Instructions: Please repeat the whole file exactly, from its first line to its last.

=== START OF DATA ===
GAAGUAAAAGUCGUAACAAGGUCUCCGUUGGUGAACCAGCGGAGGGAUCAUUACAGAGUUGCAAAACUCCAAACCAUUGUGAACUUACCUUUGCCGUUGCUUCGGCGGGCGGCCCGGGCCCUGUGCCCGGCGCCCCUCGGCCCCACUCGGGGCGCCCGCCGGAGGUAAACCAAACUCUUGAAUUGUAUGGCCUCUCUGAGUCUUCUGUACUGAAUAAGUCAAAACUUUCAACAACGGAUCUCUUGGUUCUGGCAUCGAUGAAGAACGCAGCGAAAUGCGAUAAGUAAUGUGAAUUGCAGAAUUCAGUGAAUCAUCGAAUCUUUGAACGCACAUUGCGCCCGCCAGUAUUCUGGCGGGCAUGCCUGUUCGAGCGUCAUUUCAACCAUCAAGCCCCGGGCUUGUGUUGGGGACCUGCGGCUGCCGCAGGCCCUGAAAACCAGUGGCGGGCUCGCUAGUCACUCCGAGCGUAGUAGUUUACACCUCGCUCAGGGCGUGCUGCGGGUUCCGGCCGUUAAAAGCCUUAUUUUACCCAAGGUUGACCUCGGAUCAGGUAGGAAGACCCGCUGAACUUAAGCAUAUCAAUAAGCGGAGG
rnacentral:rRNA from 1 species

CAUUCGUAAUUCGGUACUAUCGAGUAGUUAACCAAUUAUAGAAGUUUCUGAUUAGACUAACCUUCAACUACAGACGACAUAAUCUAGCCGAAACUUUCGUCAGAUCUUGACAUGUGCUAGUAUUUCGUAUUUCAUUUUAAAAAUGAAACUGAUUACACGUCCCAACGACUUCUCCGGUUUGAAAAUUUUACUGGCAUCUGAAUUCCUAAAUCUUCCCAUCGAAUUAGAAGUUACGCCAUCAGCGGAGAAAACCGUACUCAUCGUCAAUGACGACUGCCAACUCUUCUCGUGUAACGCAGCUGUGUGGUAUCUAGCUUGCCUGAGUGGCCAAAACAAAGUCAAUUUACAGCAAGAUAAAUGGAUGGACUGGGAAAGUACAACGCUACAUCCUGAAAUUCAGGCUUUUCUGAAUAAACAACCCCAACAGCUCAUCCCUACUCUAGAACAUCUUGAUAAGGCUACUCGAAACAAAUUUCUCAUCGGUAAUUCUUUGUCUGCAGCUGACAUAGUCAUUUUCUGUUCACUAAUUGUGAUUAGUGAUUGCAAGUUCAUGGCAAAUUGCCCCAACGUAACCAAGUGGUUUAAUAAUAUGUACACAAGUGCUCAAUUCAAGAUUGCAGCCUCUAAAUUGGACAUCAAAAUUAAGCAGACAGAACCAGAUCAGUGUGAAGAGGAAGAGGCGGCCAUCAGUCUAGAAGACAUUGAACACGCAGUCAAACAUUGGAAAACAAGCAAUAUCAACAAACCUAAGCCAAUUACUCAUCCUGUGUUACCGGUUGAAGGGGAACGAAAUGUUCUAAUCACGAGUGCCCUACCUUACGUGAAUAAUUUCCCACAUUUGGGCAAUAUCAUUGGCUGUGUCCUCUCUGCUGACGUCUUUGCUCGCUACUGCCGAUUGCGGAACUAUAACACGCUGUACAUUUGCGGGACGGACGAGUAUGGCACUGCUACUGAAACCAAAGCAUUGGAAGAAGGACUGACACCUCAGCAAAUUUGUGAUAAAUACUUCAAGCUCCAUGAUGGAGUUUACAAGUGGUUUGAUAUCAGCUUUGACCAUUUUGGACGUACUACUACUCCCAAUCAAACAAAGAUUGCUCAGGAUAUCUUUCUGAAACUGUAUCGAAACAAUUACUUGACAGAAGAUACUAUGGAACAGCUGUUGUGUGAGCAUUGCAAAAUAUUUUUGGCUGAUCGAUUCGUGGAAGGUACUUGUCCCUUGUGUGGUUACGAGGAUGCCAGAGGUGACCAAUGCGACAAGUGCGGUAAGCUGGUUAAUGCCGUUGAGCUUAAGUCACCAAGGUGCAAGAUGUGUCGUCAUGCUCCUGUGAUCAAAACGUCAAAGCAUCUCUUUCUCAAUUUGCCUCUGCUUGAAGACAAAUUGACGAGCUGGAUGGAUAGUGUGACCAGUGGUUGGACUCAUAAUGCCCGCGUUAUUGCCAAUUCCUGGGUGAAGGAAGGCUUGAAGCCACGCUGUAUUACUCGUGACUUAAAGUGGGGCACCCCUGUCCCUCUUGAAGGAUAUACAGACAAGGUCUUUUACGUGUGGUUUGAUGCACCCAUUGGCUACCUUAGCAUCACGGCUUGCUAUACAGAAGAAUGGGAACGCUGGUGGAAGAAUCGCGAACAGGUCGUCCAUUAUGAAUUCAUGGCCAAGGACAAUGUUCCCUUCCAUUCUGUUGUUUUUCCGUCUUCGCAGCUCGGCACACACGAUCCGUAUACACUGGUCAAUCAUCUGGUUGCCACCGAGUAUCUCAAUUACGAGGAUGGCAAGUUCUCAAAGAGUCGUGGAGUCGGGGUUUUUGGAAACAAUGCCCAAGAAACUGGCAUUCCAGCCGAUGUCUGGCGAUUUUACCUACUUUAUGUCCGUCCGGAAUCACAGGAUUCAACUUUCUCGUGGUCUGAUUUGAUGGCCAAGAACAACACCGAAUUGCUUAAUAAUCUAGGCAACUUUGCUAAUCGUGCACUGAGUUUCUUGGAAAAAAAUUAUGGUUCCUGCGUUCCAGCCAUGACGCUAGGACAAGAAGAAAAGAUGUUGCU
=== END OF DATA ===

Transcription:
GAAGUAAAAGUCGUAACAAGGUCUCCGUUGGUGAACCAGCGGAGGGAUCAUUACAGAGUUGCAAAACUCCAAACCAUUGUGAACUUACCUUUGCCGUUGCUUCGGCGGGCGGCCCGGGCCCUGUGCCCGGCGCCCCUCGGCCCCACUCGGGGCGCCCGCCGGAGGUAAACCAAACUCUUGAAUUGUAUGGCCUCUCUGAGUCUUCUGUACUGAAUAAGUCAAAACUUUCAACAACGGAUCUCUUGGUUCUGGCAUCGAUGAAGAACGCAGCGAAAUGCGAUAAGUAAUGUGAAUUGCAGAAUUCAGUGAAUCAUCGAAUCUUUGAACGCACAUUGCGCCCGCCAGUAUUCUGGCGGGCAUGCCUGUUCGAGCGUCAUUUCAACCAUCAAGCCCCGGGCUUGUGUUGGGGACCUGCGGCUGCCGCAGGCCCUGAAAACCAGUGGCGGGCUCGCUAGUCACUCCGAGCGUAGUAGUUUACACCUCGCUCAGGGCGUGCUGCGGGUUCCGGCCGUUAAAAGCCUUAUUUUACCCAAGGUUGACCUCGGAUCAGGUAGGAAGACCCGCUGAACUUAAGCAUAUCAAUAAGCGGAGG
rnacentral:rRNA from 1 species

CAUUCGUAAUUCGGUACUAUCGAGUAGUUAACCAAUUAUAGAAGUUUCUGAUUAGACUAACCUUCAACUACAGACGACAUAAUCUAGCCGAAACUUUCGUCAGAUCUUGACAUGUGCUAGUAUUUCGUAUUUCAUUUUAAAAAUGAAACUGAUUACACGUCCCAACGACUUCUCCGGUUUGAAAAUUUUACUGGCAUCUGAAUUCCUAAAUCUUCCCAUCGAAUUAGAAGUUACGCCAUCAGCGGAGAAAACCGUACUCAUCGUCAAUGACGACUGCCAACUCUUCUCGUGUAACGCAGCUGUGUGGUAUCUAGCUUGCCUGAGUGGCCAAAACAAAGUCAAUUUACAGCAAGAUAAAUGGAUGGACUGGGAAAGUACAACGCUACAUCCUGAAAUUCAGGCUUUUCUGAAUAAACAACCCCAACAGCUCAUCCCUACUCUAGAACAUCUUGAUAAGGCUACUCGAAACAAAUUUCUCAUCGGUAAUUCUUUGUCUGCAGCUGACAUAGUCAUUUUCUGUUCACUAAUUGUGAUUAGUGAUUGCAAGUUCAUGGCAAAUUGCCCCAACGUAACCAAGUGGUUUAAUAAUAUGUACACAAGUGCUCAAUUCAAGAUUGCAGCCUCUAAAUUGGACAUCAAAAUUAAGCAGACAGAACCAGAUCAGUGUGAAGAGGAAGAGGCGGCCAUCAGUCUAGAAGACAUUGAACACGCAGUCAAACAUUGGAAAACAAGCAAUAUCAACAAACCUAAGCCAAUUACUCAUCCUGUGUUACCGGUUGAAGGGGAACGAAAUGUUCUAAUCACGAGUGCCCUACCUUACGUGAAUAAUUUCCCACAUUUGGGCAAUAUCAUUGGCUGUGUCCUCUCUGCUGACGUCUUUGCUCGCUACUGCCGAUUGCGGAACUAUAACACGCUGUACAUUUGCGGGACGGACGAGUAUGGCACUGCUACUGAAACCAAAGCAUUGGAAGAAGGACUGACACCUCAGCAAAUUUGUGAUAAAUACUUCAAGCUCCAUGAUGGAGUUUACAAGUGGUUUGAUAUCAGCUUUGACCAUUUUGGACGUACUACUACUCCCAAUCAAACAAAGAUUGCUCAGGAUAUCUUUCUGAAACUGUAUCGAAACAAUUACUUGACAGAAGAUACUAUGGAACAGCUGUUGUGUGAGCAUUGCAAAAUAUUUUUGGCUGAUCGAUUCGUGGAAGGUACUUGUCCCUUGUGUGGUUACGAGGAUGCCAGAGGUGACCAAUGCGACAAGUGCGGUAAGCUGGUUAAUGCCGUUGAGCUUAAGUCACCAAGGUGCAAGAUGUGUCGUCAUGCUCCUGUGAUCAAAACGUCAAAGCAUCUCUUUCUCAAUUUGCCUCUGCUUGAAGACAAAUUGACGAGCUGGAUGGAUAGUGUGACCAGUGGUUGGACUCAUAAUGCCCGCGUUAUUGCCAAUUCCUGGGUGAAGGAAGGCUUGAAGCCACGCUGUAUUACUCGUGACUUAAAGUGGGGCACCCCUGUCCCUCUUGAAGGAUAUACAGACAAGGUCUUUUACGUGUGGUUUGAUGCACCCAUUGGCUACCUUAGCAUCACGGCUUGCUAUACAGAAGAAUGGGAACGCUGGUGGAAGAAUCGCGAACAGGUCGUCCAUUAUGAAUUCAUGGCCAAGGACAAUGUUCCCUUCCAUUCUGUUGUUUUUCCGUCUUCGCAGCUCGGCACACACGAUCCGUAUACACUGGUCAAUCAUCUGGUUGCCACCGAGUAUCUCAAUUACGAGGAUGGCAAGUUCUCAAAGAGUCGUGGAGUCGGGGUUUUUGGAAACAAUGCCCAAGAAACUGGCAUUCCAGCCGAUGUCUGGCGAUUUUACCUACUUUAUGUCCGUCCGGAAUCACAGGAUUCAACUUUCUCGUGGUCUGAUUUGAUGGCCAAGAACAACACCGAAUUGCUUAAUAAUCUAGGCAACUUUGCUAAUCGUGCACUGAGUUUCUUGGAAAAAAAUUAUGGUUCCUGCGUUCCAGCCAUGACGCUAGGACAAGAAGAAAAGAUGUUGCU